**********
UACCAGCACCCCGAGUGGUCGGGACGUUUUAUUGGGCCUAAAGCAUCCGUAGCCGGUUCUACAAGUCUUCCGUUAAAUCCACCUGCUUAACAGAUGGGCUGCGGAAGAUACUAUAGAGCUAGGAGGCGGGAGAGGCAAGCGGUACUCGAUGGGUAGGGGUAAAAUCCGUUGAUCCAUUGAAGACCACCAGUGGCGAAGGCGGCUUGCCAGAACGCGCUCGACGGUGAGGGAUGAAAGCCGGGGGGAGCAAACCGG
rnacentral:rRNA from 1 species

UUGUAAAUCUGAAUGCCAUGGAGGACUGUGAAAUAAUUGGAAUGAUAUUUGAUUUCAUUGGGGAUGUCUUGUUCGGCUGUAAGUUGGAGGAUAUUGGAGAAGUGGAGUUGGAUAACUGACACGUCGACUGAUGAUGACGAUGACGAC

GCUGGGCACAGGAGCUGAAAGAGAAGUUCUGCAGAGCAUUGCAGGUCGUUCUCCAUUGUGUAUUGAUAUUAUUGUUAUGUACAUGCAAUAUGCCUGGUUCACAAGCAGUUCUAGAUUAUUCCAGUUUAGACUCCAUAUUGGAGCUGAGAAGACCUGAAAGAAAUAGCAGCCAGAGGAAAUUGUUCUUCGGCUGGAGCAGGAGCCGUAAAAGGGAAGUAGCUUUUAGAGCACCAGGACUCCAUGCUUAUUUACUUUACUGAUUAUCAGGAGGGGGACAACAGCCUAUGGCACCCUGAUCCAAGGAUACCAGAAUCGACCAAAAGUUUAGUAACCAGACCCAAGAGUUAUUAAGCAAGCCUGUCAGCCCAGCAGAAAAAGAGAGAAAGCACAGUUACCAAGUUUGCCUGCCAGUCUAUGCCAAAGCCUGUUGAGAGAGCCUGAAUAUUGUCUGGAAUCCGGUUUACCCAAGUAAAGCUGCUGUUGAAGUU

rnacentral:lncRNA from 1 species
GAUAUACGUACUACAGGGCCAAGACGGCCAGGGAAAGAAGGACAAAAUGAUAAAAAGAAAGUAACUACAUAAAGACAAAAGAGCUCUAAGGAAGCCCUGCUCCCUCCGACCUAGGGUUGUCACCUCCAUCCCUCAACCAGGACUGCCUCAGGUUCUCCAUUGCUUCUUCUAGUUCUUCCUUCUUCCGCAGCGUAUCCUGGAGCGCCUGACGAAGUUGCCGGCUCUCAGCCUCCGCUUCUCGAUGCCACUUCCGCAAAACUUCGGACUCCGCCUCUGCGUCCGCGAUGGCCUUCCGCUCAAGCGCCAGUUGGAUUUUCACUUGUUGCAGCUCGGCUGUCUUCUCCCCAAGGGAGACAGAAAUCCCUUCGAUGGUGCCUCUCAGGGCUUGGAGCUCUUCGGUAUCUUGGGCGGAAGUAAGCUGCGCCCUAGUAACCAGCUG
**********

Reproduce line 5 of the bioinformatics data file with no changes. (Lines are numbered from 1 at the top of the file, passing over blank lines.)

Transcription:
rnacentral:lncRNA from 1 species